Novelist & Modern Musician Vs. Nashville

I’ve been struggling for some time about what to make my main priority – writing or music.

When we evacuated to Nashville during Hurricane Irma, I hadn’t been there since I started songwriting and joined Nashville Songwriter’s Association (NSAI) so I was very excited about it. May as well make the most out of a bad situation like a hurricane, right? Maybe I’d get super inspired with my music walking the streets of Nashville. Besides, I’d just submitted a song for feedback. How cool to know my song was somewhere on Music Row.

We had a great time catching up with the sights – beer and music on Broadway, writing song lyrics on napkins, cocktails and music at the Opryland Hotel. Woo hoo! It was such a blast!

Funny thing about returning home – I realized I was never going to write a song that would fit Nashville no matter how much NSAI insists they’re open to all genres of music. And then I got the feedback on my song that was far more Rock, far more Electronic Dance than Country.

I love all kinds of music. But I’m a modern girl – have always been, really. Grew up in SoCal with the latest fads, on the cutting edge of technology working in Silicon Valley for 23 years. And then when I finally decided to pay more attention to music, I enrolled in the Modern Musicianship certificate program at Berklee College of Music and earned several certificates. I’m self-produced. I may doink around with the piano and guitar but my real instrument is my Digital Audio Workstation (DAW) and I absolutely love it!

That is so not Nashville and they let you know it. I may have a lot to learn musically, but Nashville is not the one to teach me.

i thought the trip to Nashville would inspire me to make music my main focus. Instead, the James Patterson Master Class has inspired new passion for writing novels and I’m even excited about the outline.

And so, for now, I have my answer on what to focus on.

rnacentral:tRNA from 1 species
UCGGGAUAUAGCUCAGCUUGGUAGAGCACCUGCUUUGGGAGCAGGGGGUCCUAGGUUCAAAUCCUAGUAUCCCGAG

New Book Release: Raining Men, Version 2.0

One of the benefits of being an Indie author is that you can edit or change a book up after it’s published. And that’s exactly what I did with Raining Men. I’d published it right before I switched gears to songwriting and thought I hadn’t given it the attention it deserved. I hadn’t promoted it or solicited reviews. But I believed in this book and wanted to give it a wider audience. (It managed to get a 5.0 star review during its brief first release.)

I unpublished it and took it back into the writing studio. I read through it, made some edits, added about ten thousand more words and even tweaked the ending. My editor gave it an edit. I then submitted it and a publisher offered me a contract. I was hoping they could give it more exposure than I could.

Well, as it turns out, they decided they didn’t want to publish a book that had already been published. This seems to be one of the challenges of self-publishing – some publishers are for publishing previously published books, some aren’t, and some are vague about it.

So I’m happy to announce, I’ve released Raining Men, Version 2.0.

Raining Men

When California girl Brooke Slade, looking for love in all the wrong places, is presented with an opportunity to move to the Pacific Northwest, she turns it down, refusing to leave her life in Sunny California. But when she loses her job, she decides to give the Northwest a chance for thirty days and discovers it’s raining more than the wet stuff – it’s raining men. Wading through so many Mr. Wrongs, can she find Mr. Right?

BUY NOW on for Kindle.